The collective entity that emerged was more than the sum of all the emerging individual entities. It was a superego that sublimated individual feelings of impotence. It was the point of refuge for individuals who sought to create new points of reference around themselves through which they could identify with one another and could also gain recognition from the colonizer.
The process of asserting one's individuality followed a paradoxical course. This individuality could grow only in the subterranean, protective depths of the sense of belonging to a larger self-a would-be nation-that at times almost stifled each person's individual impulses. Nevertheless, this sense of belonging continued to protect the fragile membrane of uncertain personal desires from external aggression.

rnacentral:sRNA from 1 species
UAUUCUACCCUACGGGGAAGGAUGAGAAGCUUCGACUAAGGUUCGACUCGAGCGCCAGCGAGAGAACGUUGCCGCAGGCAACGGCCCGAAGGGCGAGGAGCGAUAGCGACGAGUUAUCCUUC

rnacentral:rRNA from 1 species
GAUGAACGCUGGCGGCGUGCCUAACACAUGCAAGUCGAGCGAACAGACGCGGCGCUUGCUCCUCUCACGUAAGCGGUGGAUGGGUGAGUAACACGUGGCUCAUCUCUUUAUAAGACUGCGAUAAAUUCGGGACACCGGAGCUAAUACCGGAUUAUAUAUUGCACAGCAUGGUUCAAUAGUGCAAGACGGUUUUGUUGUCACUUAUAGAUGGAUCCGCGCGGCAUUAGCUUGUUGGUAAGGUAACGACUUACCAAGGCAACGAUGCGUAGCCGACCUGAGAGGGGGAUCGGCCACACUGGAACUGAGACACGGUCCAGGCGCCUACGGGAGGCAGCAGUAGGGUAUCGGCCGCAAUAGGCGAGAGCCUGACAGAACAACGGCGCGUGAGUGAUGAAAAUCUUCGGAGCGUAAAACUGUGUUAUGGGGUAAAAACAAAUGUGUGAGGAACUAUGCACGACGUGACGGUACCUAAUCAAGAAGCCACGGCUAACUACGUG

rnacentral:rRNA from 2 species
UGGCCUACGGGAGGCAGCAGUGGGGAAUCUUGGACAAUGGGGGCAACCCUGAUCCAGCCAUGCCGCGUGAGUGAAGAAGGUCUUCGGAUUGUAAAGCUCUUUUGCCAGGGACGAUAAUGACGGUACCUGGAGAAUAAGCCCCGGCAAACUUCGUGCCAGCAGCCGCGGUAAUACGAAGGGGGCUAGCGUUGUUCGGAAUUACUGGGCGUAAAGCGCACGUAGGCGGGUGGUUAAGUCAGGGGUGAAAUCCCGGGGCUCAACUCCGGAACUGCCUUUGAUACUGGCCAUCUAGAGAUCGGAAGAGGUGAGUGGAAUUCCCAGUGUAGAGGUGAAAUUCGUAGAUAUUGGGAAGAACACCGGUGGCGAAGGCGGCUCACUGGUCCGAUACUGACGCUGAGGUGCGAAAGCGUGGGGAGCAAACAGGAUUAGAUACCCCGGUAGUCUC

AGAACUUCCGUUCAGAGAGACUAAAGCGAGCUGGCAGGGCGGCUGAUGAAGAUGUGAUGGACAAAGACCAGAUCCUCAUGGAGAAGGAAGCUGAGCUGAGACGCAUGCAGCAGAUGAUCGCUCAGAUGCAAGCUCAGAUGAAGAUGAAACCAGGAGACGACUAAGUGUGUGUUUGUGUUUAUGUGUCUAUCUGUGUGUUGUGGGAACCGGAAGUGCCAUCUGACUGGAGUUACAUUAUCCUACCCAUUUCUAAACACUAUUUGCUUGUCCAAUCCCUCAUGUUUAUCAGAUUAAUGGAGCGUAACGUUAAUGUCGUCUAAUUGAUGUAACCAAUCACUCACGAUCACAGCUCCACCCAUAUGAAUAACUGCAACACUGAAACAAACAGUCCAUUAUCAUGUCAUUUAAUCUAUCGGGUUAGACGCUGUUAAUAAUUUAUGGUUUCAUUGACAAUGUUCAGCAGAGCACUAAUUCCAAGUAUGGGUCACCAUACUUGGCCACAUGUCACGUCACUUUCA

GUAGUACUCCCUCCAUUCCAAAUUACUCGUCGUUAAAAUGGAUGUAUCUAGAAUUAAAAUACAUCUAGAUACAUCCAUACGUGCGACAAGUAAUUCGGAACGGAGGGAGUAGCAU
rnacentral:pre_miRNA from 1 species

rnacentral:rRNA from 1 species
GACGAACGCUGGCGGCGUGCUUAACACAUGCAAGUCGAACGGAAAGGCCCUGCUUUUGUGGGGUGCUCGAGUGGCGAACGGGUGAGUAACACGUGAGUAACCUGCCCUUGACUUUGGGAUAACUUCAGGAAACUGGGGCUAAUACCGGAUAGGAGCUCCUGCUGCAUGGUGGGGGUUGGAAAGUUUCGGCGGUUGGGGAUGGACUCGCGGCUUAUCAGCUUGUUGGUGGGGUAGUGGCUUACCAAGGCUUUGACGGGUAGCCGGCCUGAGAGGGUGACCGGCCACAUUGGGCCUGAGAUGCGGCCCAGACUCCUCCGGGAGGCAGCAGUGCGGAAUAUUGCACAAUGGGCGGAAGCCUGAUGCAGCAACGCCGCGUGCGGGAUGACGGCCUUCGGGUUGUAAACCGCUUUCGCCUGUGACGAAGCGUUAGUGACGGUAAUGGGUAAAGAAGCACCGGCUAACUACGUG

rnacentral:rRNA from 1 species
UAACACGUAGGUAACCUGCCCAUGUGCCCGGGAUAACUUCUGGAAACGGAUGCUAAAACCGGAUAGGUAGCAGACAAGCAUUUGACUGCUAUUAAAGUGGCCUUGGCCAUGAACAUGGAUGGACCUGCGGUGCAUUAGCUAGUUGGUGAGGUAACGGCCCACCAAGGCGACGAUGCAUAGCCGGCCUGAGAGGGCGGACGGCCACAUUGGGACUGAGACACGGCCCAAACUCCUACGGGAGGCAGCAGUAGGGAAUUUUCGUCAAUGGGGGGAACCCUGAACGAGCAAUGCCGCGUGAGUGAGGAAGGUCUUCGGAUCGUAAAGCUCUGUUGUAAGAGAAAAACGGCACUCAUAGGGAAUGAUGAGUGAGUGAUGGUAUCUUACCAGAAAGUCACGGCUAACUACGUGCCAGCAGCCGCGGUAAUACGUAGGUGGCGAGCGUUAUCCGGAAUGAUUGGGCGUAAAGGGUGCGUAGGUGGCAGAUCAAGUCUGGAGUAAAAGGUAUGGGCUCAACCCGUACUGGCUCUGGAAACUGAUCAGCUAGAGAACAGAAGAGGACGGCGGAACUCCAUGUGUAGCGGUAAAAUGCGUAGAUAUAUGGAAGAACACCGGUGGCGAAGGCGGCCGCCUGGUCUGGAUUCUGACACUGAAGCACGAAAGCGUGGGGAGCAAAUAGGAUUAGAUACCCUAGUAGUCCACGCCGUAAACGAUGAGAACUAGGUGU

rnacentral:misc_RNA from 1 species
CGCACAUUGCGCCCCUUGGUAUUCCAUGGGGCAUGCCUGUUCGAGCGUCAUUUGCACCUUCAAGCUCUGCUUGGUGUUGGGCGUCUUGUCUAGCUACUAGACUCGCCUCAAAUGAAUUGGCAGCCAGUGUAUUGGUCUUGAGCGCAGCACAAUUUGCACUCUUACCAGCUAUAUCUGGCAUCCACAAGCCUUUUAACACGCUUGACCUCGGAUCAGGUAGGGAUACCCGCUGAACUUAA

The destiny of the modern individual was first played out within the secret destiny of the embryonic nation. The notion of individual self-determination crystallized before the notion of national self-determination. The next stage was a tentative search for an arena of identification, a symbolic rallying ground, in which the familiar landmarks of community and religion still existed but also made room for a secular language, or political message, by means of which the collective voice could be projected outward and could be heard by the colonizer.
Before colonization social allegiance referred to ethnic identity and religious identity. Colonization brought the superimposition of a third level, national identity, which escaped slowly from the grip of the first two, using the secularization of political life as leverage.